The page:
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By the Board of Directors of the Federal Housing Finance Board.

Bruce A. Morrison,

Chairman.

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Footnotes

1.  See discussion QTL test in II.E. below.

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2.  The Finance Board recently reorganized and redesignated all of its regulations. See 65 FR 8253 (Feb. 18, 2000). The Membership Regulation, which formerly was part 933 of the Finance Board's regulations, 12 CFR part 933 (1999), was redesignated as part 925. See 65 FR 8253, 8260 (to be codified at 12 CFR part 925).

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3.  The Modernization Act is Title VI of the Gramm-Leach-Bliley Act, Pub. L. 106-102, 113 Stat. 1338, enacted into law on November 12, 1999.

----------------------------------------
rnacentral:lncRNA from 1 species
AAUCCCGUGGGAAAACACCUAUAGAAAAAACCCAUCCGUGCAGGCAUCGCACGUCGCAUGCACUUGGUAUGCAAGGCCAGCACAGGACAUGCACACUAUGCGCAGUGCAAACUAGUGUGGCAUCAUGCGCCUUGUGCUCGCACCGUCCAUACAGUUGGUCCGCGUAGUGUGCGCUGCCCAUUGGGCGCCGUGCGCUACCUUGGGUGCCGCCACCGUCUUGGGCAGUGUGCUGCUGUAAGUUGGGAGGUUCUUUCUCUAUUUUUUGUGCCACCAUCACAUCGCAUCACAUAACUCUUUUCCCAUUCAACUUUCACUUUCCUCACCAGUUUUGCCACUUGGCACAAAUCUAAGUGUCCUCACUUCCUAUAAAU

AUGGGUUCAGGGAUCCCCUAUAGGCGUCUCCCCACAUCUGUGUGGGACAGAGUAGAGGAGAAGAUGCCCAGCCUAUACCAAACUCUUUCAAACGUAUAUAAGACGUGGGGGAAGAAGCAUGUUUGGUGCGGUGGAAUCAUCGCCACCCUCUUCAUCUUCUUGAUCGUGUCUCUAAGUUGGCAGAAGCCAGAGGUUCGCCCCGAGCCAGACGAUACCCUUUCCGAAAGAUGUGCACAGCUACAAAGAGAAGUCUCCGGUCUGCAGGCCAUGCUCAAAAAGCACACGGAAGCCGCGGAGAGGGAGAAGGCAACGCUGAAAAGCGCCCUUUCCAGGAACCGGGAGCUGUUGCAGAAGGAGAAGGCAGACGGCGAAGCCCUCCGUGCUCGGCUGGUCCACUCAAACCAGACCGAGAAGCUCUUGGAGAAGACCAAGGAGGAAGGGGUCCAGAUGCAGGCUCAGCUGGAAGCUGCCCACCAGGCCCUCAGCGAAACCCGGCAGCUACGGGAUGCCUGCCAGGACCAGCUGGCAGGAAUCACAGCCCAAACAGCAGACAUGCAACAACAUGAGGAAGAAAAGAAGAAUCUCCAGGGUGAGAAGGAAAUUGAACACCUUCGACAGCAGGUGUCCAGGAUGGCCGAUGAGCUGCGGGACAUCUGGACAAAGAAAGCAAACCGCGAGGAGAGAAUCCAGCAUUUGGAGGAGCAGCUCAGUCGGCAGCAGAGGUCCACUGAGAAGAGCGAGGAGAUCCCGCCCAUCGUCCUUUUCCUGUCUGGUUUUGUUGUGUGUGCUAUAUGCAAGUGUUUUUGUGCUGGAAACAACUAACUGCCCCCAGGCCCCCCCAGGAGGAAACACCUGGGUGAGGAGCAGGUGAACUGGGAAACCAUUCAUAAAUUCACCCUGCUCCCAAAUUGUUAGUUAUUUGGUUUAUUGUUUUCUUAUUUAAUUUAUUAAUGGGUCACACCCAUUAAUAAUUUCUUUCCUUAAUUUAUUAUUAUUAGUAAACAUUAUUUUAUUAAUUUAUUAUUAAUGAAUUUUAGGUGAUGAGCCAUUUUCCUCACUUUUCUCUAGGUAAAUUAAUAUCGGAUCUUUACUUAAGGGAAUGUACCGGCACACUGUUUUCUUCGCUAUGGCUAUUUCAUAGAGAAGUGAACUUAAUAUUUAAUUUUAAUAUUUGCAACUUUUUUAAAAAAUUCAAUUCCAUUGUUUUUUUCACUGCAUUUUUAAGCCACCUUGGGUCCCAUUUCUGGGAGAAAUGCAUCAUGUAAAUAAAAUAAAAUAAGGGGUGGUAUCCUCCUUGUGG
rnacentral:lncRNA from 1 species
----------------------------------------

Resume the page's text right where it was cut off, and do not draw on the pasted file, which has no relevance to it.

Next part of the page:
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4.  The “Qualified Thrift Lender” test is set forth in section 10(m) of the Home Owners' Loan Act (HOLA), 12 U.S.C. 1467a(m), and applies directly only to savings associations. Originally enacted in 1987, the QTL test was intended to ensure that savings associations remained committed to the business of providing housing-related loans. Failure to meet the test subjected both the savings association and its holding company to certain statutory penalties, including reduced access to Bank advances for the association. In 1989, Congress revised the QTL test and the penalties for failing to meet it, including more severe restrictions on access to Bank advances for savings associations or commercial banks that did not meet the test.